Witchery In Shahnameh

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The poem as part of the Shahnameh has a third person omniscient viewpoint. The speaker is presumably Ferdowsi himself and he narrates “the national history of the Iranian Empire before Islam” which includes some fifty pre-Islamic kings beginning with Kayomars and ending with Yazdegerd the last Sassanid king. (Davidson 1994) This poem as part of the Shahnameh encompasses many different themes. “Father-son vengeance is one of the well-known themes of Shahnameh.” which as Freud believes has root in the Oedipus myth. (Ishanya & Rezaiee Barmi 2016) On the other hand, as Judie Newman observes, the poem “has as one of its core themes the tribulations which Iran endures over the millennia at the hands of both wicked kings and foreign foes.” (2014)…show more content…
Jamshid was the son of Tahmures whose kingdom last for over seven hundred years. He was such a fair and just king that all the living creatures including Deevs and Peris obeyed him. He built Persepolis helped by Deevs and held the Nowruz feasts and commanded the people to keep it. He was a great king and everything was peaceful during his reign until he became arrogant and imperious to…show more content…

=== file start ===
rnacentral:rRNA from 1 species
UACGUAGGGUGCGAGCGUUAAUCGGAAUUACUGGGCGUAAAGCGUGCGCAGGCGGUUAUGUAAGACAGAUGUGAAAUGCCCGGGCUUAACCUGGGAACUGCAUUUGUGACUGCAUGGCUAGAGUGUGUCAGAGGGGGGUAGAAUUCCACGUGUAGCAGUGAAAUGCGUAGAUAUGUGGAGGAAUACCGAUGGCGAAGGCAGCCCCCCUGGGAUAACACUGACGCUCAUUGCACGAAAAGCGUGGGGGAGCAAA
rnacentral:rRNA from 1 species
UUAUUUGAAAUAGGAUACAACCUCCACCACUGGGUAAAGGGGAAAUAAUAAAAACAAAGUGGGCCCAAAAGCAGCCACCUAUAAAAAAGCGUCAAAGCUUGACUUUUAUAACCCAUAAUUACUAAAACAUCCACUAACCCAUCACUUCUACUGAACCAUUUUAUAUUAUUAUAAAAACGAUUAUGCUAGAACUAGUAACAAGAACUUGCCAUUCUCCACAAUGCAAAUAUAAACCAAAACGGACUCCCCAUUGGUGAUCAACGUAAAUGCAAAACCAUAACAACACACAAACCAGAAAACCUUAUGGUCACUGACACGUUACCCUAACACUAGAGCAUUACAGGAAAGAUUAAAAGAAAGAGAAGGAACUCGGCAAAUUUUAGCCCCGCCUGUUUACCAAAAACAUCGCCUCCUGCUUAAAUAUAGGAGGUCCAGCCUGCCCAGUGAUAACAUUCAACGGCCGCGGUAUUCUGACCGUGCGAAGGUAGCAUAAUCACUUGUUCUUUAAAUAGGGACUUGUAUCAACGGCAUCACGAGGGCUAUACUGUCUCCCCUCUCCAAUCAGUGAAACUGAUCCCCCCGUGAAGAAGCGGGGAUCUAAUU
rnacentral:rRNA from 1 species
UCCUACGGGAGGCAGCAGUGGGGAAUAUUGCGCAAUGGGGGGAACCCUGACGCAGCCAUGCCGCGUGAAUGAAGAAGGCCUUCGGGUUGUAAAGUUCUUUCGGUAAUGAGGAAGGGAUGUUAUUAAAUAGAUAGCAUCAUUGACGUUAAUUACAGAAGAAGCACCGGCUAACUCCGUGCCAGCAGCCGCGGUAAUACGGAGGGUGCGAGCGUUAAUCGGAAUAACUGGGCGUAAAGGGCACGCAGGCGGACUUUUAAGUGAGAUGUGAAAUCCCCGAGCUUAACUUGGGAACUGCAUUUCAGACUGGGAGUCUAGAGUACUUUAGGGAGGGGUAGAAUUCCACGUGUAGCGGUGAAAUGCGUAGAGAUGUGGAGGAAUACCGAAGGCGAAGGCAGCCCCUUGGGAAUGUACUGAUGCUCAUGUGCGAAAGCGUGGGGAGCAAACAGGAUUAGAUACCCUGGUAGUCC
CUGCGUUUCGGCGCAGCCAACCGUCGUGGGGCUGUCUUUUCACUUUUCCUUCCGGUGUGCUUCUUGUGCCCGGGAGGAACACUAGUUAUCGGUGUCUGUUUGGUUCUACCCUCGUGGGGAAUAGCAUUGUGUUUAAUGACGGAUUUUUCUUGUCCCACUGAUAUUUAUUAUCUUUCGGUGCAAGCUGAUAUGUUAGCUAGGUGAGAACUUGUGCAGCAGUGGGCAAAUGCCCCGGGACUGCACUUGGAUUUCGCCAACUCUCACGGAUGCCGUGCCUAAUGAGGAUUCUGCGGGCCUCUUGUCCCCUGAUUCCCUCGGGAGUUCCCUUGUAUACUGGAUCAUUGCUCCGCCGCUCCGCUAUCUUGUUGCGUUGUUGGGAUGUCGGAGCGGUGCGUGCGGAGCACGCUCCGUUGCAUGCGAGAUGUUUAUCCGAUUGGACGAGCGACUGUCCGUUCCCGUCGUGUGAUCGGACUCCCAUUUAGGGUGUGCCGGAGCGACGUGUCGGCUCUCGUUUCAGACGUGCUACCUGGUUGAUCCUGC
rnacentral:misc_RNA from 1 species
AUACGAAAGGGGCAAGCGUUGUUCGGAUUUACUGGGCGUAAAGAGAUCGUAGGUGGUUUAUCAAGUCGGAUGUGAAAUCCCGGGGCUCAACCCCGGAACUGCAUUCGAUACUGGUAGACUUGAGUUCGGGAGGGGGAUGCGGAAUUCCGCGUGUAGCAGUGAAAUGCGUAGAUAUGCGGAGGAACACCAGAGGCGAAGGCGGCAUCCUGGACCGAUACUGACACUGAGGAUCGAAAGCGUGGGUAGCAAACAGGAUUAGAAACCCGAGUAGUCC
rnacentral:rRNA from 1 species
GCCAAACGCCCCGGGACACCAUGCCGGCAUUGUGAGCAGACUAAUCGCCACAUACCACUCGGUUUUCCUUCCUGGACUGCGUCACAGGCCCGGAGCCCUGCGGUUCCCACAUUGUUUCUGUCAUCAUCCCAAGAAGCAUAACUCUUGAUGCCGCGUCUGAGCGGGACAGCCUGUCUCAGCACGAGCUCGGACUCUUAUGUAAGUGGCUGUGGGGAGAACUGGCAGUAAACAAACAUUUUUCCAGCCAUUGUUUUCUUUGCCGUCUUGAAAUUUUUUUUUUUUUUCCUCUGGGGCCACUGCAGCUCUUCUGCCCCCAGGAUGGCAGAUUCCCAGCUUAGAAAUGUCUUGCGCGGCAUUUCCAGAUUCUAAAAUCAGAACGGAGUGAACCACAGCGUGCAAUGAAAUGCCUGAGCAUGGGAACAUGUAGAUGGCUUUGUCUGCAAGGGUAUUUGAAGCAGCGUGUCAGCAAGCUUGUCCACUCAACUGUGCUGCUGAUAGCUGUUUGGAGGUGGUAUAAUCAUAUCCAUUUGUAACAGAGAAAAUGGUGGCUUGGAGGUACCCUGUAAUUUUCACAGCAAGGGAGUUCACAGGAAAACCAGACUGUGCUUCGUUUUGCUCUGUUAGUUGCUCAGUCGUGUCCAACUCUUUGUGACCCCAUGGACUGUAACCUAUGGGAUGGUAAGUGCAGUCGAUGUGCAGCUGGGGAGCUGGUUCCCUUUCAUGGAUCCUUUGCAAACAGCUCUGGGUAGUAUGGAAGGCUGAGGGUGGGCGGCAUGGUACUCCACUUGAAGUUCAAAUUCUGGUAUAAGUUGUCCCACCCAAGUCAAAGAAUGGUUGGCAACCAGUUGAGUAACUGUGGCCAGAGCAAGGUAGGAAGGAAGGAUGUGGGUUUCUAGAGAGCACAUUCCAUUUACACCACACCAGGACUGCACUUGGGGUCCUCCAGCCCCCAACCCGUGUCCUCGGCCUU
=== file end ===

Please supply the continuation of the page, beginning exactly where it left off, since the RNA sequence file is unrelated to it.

Yet as we intend to focus on the ending of the poem, we would only mention the characters that have been portrayed by Habibizad i.e. Fereydoun, Zahhak, and the divine messenger. Zahhak and Fereydoun are round characters since we observe their various traits being developed or tested throughout the poem. For instance, we read that “it was by [Fereydoun’s] justice and generosity that he gained good and great ends … His wisdom and goodness have been universally celebrated.” (Jerdan, et al. 1829) Or about Zahhak as Robinson observes “[he] was a young man of evil tendencies” (2002) he uses different adjectives to describe Zahhak such as “tyrant”, “wretched”, “jealous” etc. Although these features seem to remain unchanged for each character, however, they do develop throughout the poem. Therefore we can conclude that they are dynamic

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